“The next step for us is to test this absorbent on a commercial scale and demonstrate its ability to purify thousands of liters of water, we are also studying methods to recycle the sorbent and destroy the PFAS,” says Justin Chalker, one of the authors of the research.

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Elephants know how to quantify food by smell with precision

A particular feature of elephants has been discovered by a group of researchers who published their study on Proceedings of the National Academy of Sciences. Although well analyzed and studied, elephants have a characteristic related to their sense of smell that until now had remained unknown: they are able to quantify the portions of food not only by sight but also by smell.

During various experiments, scientists have in fact discovered that elephants were able to quantify the number of sunflower seeds closed inside several buckets covered with the lid. The elephants clearly showed that they preferred buckets with the largest number of seeds, even though they could not see inside nor can they move the bucket itself. The greater the number of seeds inside the bucket, the greater the number of elephants who preferred the fuller buckets.

This is the first example of an animal that can quantify, in a fairly precise way, the quantity of a material only through the smell.

What can this discovery be used for? Currently, in many regions of the world elephants are considered as annoying for various human activities and the same humans face many difficulties to move them away from different sites of interest. With this discovery, elephants can be directed to a point where food is accumulated more efficiently.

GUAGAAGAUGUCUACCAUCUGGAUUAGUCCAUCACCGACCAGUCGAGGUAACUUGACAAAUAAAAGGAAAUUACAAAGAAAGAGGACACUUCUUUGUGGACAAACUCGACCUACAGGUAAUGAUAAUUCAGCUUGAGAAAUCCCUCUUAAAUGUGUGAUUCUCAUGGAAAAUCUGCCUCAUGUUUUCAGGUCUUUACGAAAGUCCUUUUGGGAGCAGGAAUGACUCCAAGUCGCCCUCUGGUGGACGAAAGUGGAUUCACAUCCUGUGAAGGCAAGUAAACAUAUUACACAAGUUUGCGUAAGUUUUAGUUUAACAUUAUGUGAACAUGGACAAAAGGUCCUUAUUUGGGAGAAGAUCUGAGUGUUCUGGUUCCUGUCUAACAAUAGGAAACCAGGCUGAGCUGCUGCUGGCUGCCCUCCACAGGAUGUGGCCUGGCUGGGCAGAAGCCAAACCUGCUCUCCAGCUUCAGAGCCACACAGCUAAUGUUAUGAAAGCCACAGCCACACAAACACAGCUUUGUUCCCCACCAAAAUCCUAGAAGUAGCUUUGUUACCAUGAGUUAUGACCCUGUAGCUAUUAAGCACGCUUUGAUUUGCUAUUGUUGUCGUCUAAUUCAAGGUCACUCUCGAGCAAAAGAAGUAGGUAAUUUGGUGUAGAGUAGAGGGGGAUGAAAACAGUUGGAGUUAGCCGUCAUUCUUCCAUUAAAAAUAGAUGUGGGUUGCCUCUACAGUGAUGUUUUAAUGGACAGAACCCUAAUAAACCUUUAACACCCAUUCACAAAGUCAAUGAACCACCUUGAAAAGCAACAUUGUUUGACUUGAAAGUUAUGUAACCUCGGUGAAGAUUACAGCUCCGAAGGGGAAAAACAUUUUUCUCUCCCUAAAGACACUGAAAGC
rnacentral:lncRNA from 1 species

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Nordic microalgae cleans wastewater and produces biodiesel

A further study, written by the researcher of the University of UmeƄ Lorenza Ferro, highlights the importance of microalgae in the environment and the considerable possibilities that these plants offer in the field of biofuel production.

Biomass made of algae has been increasingly taken into account and used in recent years for the production of biofuels because these microorganisms can form and store large amounts of lipids. The latter can then be converted into biodiesel. As if that were not enough, the same microalgae can be very useful for purifying wastewater because the nitrogen and phosphorus in them can also be used to feed the microalgae.

In the Nordic countries of Europe, however, the use of microalgae is very limited: this environment is in fact characterized by very long winters with the sun peeping out much less often than in the regions further south and this causes significant problems in the use of microalgae. The researcher shows, in her study, that in such contexts using native strains of Nordic microalgae can be the solution.

“My work has shown that local Nordic microalgae are much better than standard varieties. Our Nordic strains are currently tested under “real conditions” with the aim of extending the growth period until late autumn or even winter,” says the researcher.